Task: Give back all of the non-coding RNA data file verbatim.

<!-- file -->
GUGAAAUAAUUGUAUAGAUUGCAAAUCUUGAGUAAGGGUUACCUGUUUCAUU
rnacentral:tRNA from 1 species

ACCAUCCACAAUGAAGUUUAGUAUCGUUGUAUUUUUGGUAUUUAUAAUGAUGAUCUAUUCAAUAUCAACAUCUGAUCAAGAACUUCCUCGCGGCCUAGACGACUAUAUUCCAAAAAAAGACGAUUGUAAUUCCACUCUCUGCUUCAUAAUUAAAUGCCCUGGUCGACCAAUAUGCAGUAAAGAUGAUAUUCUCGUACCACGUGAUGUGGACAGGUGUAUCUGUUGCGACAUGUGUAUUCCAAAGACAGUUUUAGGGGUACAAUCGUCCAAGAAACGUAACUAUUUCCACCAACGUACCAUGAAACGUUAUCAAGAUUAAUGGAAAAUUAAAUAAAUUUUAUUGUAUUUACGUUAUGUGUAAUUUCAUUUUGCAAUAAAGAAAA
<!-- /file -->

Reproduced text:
GUGAAAUAAUUGUAUAGAUUGCAAAUCUUGAGUAAGGGUUACCUGUUUCAUU
rnacentral:tRNA from 1 species

ACCAUCCACAAUGAAGUUUAGUAUCGUUGUAUUUUUGGUAUUUAUAAUGAUGAUCUAUUCAAUAUCAACAUCUGAUCAAGAACUUCCUCGCGGCCUAGACGACUAUAUUCCAAAAAAAGACGAUUGUAAUUCCACUCUCUGCUUCAUAAUUAAAUGCCCUGGUCGACCAAUAUGCAGUAAAGAUGAUAUUCUCGUACCACGUGAUGUGGACAGGUGUAUCUGUUGCGACAUGUGUAUUCCAAAGACAGUUUUAGGGGUACAAUCGUCCAAGAAACGUAACUAUUUCCACCAACGUACCAUGAAACGUUAUCAAGAUUAAUGGAAAAUUAAAUAAAUUUUAUUGUAUUUACGUUAUGUGUAAUUUCAUUUUGCAAUAAAGAAAA